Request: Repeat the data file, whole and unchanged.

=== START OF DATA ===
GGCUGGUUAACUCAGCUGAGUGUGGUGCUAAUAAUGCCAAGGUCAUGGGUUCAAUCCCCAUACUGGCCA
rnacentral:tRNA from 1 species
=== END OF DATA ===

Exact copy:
GGCUGGUUAACUCAGCUGAGUGUGGUGCUAAUAAUGCCAAGGUCAUGGGUUCAAUCCCCAUACUGGCCA
rnacentral:tRNA from 1 species